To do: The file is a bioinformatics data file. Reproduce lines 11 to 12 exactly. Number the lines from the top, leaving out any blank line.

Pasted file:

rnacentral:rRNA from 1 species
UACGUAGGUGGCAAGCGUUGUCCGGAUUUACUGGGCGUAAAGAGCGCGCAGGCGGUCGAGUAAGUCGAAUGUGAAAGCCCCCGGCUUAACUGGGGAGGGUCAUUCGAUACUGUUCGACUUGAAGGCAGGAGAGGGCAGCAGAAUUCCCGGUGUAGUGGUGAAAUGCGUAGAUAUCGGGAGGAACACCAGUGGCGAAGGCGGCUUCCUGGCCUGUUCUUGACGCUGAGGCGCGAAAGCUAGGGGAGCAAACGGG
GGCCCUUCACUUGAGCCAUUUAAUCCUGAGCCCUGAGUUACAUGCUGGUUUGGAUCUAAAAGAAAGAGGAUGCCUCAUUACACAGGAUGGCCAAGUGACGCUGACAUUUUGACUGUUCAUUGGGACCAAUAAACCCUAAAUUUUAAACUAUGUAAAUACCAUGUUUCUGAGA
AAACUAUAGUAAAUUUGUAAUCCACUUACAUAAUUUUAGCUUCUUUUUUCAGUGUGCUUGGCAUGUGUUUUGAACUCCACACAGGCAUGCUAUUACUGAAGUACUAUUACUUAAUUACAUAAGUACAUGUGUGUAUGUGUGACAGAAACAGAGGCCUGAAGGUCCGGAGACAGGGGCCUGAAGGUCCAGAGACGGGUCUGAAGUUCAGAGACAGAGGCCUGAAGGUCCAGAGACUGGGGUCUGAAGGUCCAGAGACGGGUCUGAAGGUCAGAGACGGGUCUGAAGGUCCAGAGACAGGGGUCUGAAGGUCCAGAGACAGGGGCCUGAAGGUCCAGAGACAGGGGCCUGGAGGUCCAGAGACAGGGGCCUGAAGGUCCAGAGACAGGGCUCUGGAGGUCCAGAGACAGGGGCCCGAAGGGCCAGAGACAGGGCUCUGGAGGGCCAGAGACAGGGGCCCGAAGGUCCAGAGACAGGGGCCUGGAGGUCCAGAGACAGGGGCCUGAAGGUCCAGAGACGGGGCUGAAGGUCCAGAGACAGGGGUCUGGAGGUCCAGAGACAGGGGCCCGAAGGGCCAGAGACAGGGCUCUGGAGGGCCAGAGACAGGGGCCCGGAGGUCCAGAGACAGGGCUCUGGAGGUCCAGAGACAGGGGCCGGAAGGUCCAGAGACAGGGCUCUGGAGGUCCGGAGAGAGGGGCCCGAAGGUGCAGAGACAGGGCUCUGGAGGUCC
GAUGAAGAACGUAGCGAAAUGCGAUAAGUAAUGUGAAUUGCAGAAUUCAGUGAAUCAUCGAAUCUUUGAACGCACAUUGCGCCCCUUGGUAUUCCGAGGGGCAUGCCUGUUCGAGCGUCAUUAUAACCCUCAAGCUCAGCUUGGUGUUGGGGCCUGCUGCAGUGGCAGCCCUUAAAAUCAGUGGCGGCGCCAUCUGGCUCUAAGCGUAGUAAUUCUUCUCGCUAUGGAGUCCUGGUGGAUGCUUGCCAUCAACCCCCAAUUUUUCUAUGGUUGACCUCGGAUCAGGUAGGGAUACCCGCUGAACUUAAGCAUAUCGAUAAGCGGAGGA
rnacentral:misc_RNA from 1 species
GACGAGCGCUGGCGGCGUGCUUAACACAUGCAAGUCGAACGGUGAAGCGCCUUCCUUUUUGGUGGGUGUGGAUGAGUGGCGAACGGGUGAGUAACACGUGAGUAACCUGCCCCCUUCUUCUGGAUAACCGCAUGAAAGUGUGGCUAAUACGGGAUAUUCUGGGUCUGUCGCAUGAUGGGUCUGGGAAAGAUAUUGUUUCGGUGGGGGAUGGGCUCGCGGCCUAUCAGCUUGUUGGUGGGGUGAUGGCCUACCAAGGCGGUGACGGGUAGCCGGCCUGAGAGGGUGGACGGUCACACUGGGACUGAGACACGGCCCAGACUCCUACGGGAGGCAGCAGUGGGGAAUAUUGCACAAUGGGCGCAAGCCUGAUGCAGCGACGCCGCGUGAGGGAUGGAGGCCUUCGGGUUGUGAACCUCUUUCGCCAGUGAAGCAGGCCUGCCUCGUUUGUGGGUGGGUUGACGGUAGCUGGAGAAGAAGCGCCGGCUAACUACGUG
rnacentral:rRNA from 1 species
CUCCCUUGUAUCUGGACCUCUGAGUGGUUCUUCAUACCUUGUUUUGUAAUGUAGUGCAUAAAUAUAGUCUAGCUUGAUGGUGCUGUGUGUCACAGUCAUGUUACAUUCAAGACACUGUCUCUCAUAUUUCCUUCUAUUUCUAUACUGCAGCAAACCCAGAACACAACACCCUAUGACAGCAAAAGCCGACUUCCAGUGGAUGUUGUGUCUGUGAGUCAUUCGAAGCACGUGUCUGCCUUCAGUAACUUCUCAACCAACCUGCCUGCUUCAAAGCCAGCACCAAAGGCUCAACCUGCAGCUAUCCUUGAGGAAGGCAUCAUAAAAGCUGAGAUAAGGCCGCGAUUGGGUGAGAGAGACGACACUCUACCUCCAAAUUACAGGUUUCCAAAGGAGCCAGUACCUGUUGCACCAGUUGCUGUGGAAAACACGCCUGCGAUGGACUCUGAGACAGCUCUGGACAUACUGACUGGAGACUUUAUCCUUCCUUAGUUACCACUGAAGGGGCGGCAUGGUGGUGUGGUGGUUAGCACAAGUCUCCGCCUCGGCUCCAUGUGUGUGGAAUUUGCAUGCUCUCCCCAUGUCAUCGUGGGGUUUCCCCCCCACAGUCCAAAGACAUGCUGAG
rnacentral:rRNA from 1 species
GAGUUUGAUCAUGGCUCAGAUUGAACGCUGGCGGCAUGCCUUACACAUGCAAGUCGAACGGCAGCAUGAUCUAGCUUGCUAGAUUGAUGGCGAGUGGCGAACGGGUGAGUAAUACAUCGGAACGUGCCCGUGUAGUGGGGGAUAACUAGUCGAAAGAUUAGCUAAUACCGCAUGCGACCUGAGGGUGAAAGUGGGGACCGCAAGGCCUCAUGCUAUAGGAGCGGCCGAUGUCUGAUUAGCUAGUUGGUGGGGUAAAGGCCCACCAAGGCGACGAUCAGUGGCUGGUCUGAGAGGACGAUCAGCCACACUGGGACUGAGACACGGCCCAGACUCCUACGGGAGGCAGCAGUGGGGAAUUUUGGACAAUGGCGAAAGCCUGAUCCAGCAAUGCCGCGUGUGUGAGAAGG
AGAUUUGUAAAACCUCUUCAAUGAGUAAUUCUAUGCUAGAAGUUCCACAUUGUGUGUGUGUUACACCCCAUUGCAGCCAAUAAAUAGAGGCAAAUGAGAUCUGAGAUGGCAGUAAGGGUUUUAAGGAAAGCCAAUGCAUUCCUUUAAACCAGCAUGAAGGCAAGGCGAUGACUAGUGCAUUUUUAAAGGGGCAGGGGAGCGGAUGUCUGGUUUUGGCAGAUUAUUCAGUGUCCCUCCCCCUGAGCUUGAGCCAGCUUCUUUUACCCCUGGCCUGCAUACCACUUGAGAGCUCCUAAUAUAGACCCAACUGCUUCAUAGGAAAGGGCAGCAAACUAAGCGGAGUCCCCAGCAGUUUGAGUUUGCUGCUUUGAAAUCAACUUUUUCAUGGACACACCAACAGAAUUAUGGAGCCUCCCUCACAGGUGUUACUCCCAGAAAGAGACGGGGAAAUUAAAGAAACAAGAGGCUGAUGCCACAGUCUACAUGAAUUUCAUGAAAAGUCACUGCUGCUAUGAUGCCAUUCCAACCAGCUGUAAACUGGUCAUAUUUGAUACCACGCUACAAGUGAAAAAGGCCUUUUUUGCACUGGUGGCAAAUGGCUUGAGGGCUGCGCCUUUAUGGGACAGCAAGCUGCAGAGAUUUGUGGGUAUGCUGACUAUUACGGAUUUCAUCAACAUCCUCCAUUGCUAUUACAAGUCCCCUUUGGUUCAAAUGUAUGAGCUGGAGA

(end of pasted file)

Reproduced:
GAGUUUGAUCAUGGCUCAGAUUGAACGCUGGCGGCAUGCCUUACACAUGCAAGUCGAACGGCAGCAUGAUCUAGCUUGCUAGAUUGAUGGCGAGUGGCGAACGGGUGAGUAAUACAUCGGAACGUGCCCGUGUAGUGGGGGAUAACUAGUCGAAAGAUUAGCUAAUACCGCAUGCGACCUGAGGGUGAAAGUGGGGACCGCAAGGCCUCAUGCUAUAGGAGCGGCCGAUGUCUGAUUAGCUAGUUGGUGGGGUAAAGGCCCACCAAGGCGACGAUCAGUGGCUGGUCUGAGAGGACGAUCAGCCACACUGGGACUGAGACACGGCCCAGACUCCUACGGGAGGCAGCAGUGGGGAAUUUUGGACAAUGGCGAAAGCCUGAUCCAGCAAUGCCGCGUGUGUGAGAAGG
AGAUUUGUAAAACCUCUUCAAUGAGUAAUUCUAUGCUAGAAGUUCCACAUUGUGUGUGUGUUACACCCCAUUGCAGCCAAUAAAUAGAGGCAAAUGAGAUCUGAGAUGGCAGUAAGGGUUUUAAGGAAAGCCAAUGCAUUCCUUUAAACCAGCAUGAAGGCAAGGCGAUGACUAGUGCAUUUUUAAAGGGGCAGGGGAGCGGAUGUCUGGUUUUGGCAGAUUAUUCAGUGUCCCUCCCCCUGAGCUUGAGCCAGCUUCUUUUACCCCUGGCCUGCAUACCACUUGAGAGCUCCUAAUAUAGACCCAACUGCUUCAUAGGAAAGGGCAGCAAACUAAGCGGAGUCCCCAGCAGUUUGAGUUUGCUGCUUUGAAAUCAACUUUUUCAUGGACACACCAACAGAAUUAUGGAGCCUCCCUCACAGGUGUUACUCCCAGAAAGAGACGGGGAAAUUAAAGAAACAAGAGGCUGAUGCCACAGUCUACAUGAAUUUCAUGAAAAGUCACUGCUGCUAUGAUGCCAUUCCAACCAGCUGUAAACUGGUCAUAUUUGAUACCACGCUACAAGUGAAAAAGGCCUUUUUUGCACUGGUGGCAAAUGGCUUGAGGGCUGCGCCUUUAUGGGACAGCAAGCUGCAGAGAUUUGUGGGUAUGCUGACUAUUACGGAUUUCAUCAACAUCCUCCAUUGCUAUUACAAGUCCCCUUUGGUUCAAAUGUAUGAGCUGGAGA